Jour. Anth Inst.

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The administration of justice among the Ba-Mbala may be summed up in the single word milonga (palaver); round this system their whole life centers, and all disputes, whether between two Ba-Mbala or a Mo-Mbala and a member of a neighboring tribe, are settled by this institution. In explanation of the proceedings a typical case, such as occurs every day in this country, may be given. A, of the village X, steals a goat belonging to B, of the village Y. Under pledge of the greatest secrecy, he boasts to some friend of his feat, and the result is that before the end of the day B knows who the thief is. B then sends a messenger to A asking for kama-kumi, that is, a few djimbu, (shell money) a little salt, a fowl, or in fact anything of little value. If A refuses, and this is rarely the case, war is made on his village; if, as usual, he consents, it means that he admits the crime and is willing to accept responsibility for the act. B’s next act is to send an arrow to A’s chief, marked with a number of incisions indicating the number of days in which the milonga will be held. When the day arrives, not only the whole population of the villages of A and B, but of all the neighborhood, flock to B’s village, all armed with bows and arrows (in this respect custom differs from the proceedings on the Lower Congo), to take part in the trial. There is no judge, but the decision is left to the crowd. Men of noted eloquence speak on behalf of each party, and the discussion begins. A admits that he has stolen the goat, but did not B’s grandfather seduce his, A’s, grandfather’s wife? B allows this, but asserts that his father had a fowl stolen by A’s grandfather. A does not deny the offense, but recalls the fact that a pig was stolen from his uncle by a slave of B’s grandfather’s brother-in-law. And so the case, proceeds, the assembly declaring after each charge and countercharge that the matter is compensated. Eventually he who can bring the greater number of charges against his adversary is declared the winner, and claims compensation.1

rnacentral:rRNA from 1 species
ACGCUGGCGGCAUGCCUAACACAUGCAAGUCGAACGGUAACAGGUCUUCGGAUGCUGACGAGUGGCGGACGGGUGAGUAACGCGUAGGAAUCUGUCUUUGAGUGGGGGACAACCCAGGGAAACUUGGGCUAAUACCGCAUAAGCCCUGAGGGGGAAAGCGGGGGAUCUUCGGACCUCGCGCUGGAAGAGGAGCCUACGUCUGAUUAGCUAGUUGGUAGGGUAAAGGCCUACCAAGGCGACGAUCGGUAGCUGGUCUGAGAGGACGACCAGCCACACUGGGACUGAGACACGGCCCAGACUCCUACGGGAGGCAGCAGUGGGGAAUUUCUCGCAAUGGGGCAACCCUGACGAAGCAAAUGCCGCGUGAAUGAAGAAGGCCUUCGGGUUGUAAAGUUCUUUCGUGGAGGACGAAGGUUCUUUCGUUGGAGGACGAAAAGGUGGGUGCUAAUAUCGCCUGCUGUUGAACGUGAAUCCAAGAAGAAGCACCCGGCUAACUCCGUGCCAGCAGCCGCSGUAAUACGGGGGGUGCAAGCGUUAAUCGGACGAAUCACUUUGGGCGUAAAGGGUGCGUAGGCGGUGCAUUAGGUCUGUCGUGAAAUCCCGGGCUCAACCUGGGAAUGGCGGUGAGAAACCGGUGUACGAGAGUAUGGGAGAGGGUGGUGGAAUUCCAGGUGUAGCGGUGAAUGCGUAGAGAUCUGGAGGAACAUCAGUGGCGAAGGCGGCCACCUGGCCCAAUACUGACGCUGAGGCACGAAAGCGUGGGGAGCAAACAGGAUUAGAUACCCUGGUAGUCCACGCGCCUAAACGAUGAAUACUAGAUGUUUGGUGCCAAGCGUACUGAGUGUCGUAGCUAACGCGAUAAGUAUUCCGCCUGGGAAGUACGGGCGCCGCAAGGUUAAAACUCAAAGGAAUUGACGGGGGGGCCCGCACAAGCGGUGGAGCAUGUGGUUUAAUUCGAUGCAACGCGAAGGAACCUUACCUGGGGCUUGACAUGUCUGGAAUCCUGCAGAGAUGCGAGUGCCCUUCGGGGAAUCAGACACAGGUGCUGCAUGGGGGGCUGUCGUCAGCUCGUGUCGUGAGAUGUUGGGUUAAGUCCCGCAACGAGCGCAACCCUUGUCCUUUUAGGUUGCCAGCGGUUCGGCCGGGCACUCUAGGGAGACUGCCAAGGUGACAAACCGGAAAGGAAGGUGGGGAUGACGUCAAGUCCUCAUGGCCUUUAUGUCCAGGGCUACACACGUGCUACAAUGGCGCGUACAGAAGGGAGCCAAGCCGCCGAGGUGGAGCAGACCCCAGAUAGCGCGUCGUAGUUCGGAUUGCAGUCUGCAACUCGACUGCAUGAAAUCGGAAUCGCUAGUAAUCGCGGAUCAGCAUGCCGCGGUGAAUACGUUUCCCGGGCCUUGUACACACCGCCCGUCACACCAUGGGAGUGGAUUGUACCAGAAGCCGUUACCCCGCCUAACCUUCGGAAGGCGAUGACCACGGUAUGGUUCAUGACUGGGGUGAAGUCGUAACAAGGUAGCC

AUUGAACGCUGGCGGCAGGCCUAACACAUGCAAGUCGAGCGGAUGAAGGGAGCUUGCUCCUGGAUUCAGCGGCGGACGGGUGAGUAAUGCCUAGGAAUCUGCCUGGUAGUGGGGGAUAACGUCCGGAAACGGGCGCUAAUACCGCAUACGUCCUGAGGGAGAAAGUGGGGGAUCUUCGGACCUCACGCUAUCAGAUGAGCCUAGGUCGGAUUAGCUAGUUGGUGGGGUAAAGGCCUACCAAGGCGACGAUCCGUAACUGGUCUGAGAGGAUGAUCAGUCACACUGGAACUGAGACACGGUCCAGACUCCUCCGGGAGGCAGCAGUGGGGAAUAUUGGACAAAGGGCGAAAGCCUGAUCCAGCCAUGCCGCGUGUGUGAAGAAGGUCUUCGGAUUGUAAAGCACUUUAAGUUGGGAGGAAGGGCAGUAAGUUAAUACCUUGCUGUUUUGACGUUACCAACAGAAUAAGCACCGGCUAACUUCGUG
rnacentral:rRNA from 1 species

1Torday, E.n/an/an/an/an/a, and T.A.Joycen/an/an/an/a, "Notes on the Ethnography of the Ba-Mbala," , 35: 414–415.

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Chicago: Jour. Anth Inst. in Primitive Behavior: An Introduction to the Social Sciences, ed. Thomas, William I. (New York: McGraw-Hill Book Company, Inc., 1937), Original Sources, accessed July 21, 2024,

MLA: . Jour. Anth Inst., Vol. 35, in Primitive Behavior: An Introduction to the Social Sciences, edited by Thomas, William I., New York, McGraw-Hill Book Company, Inc., 1937, Original Sources. 21 Jul. 2024.

Harvard: , Jour. Anth Inst.. cited in 1937, Primitive Behavior: An Introduction to the Social Sciences, ed. , McGraw-Hill Book Company, Inc., New York. Original Sources, retrieved 21 July 2024, from